Repurpose for the Purpose of Fishing

One way to combat symptoms of cabin fever is to organize your fishing tackle. There are items readily available around the cabin that can be reused to assist.

  1. Empty mint tins or plastic snap top gum dispensers can be loaded up with the split shot weights that have been rolling around in the bottom of the tackle box. That telltale sign of a disk pattern on the back pocket of jeans does not necessarily mean it is from carrying a can containing chewing tobacco; during ice fishing season, that can is full of wax worms or other bait. Costing about $.20 apiece, you want to keep this valuable commodity secured and handy.

  2. A buddy of mine loads safety pins as carriers for various sizes, types of hooks and spinnerbait blades. 
    Hook Organizer

  3. You know that stack of broken rods sections in the corner of the garage? Tie a 6-foot piece of yarn to the end and finally learn to cast that fly rod you got for Christmas 6 years ago. What may look like rhythmic gymnastics or a cat toy actually is a great way to practice timing the 10 and 2 positions so the fly line will “flatten” in the air instead of big loops.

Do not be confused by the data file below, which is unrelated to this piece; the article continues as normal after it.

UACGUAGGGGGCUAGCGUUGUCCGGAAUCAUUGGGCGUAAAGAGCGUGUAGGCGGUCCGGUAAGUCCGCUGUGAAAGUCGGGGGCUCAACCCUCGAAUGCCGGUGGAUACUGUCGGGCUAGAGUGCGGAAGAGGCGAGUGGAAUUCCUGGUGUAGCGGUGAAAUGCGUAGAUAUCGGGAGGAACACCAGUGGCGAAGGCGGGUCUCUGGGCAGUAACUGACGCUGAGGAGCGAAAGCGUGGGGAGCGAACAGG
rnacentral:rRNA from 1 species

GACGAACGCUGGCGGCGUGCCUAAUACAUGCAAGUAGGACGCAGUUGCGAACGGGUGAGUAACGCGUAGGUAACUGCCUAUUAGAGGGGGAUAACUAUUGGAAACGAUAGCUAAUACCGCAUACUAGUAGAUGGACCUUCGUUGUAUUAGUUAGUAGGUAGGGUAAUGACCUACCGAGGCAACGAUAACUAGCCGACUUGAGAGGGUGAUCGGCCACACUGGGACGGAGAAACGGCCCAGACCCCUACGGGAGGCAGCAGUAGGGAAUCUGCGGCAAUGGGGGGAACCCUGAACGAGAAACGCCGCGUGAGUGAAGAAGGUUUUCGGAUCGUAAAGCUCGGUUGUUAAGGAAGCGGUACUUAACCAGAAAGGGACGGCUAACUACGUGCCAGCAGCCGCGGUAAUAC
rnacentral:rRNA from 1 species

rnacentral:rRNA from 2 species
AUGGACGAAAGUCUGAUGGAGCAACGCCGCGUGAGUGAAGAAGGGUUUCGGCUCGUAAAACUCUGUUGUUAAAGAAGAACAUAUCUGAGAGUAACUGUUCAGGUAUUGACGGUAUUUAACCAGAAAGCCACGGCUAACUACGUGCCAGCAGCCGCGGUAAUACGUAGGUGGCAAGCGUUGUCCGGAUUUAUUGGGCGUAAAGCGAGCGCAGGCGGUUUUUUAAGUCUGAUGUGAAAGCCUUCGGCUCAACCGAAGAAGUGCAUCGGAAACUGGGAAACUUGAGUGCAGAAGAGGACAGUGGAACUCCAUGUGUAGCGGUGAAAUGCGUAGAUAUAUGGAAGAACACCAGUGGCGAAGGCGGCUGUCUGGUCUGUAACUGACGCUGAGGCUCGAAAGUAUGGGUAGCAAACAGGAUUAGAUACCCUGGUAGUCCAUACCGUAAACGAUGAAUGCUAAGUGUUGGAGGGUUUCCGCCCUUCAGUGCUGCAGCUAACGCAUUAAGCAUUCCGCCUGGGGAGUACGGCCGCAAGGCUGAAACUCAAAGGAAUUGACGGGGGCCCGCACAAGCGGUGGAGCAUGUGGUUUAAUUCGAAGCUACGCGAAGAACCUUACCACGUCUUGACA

4. Stream anglers in the northeast part of the country sometimes wear a clear, plastic coffee or peanut butter jar tied around their neck. In this tribute to the movie, “What About Bob?,” a steelhead angler is equipped with a small jar of minnows, now able to re-bait without leaving the stream.

What stuff around your cabin has found a new home in your fishing tackle?

Andy Whitcomb

Andy Whitcomb

Andy Whitcomb is a columnist, outdoor humorist, and stressed-out Dad. He says there are “people who fish”… and there are “fishermen”.  One of the few things he knows is that he is a “fisherman”...  To the point it could be classified as borderline illness.  Sharing this obsession is rewarding, therapeutic. He likes to encourage people to “stop and smell the crappie."  Enjoys catching fish, but gets a greater thrill out of helping someone else hook up.
Born in Florida, but raised on the banks of Oklahoma farm ponds. Now relocated to western Pennsylvania. He has fished, worked, lived all around the US.  He has a B.S. in Zoology from Oklahoma State as well...
And he met his wife while electrofishing. He has been contributing weekly to since 2011.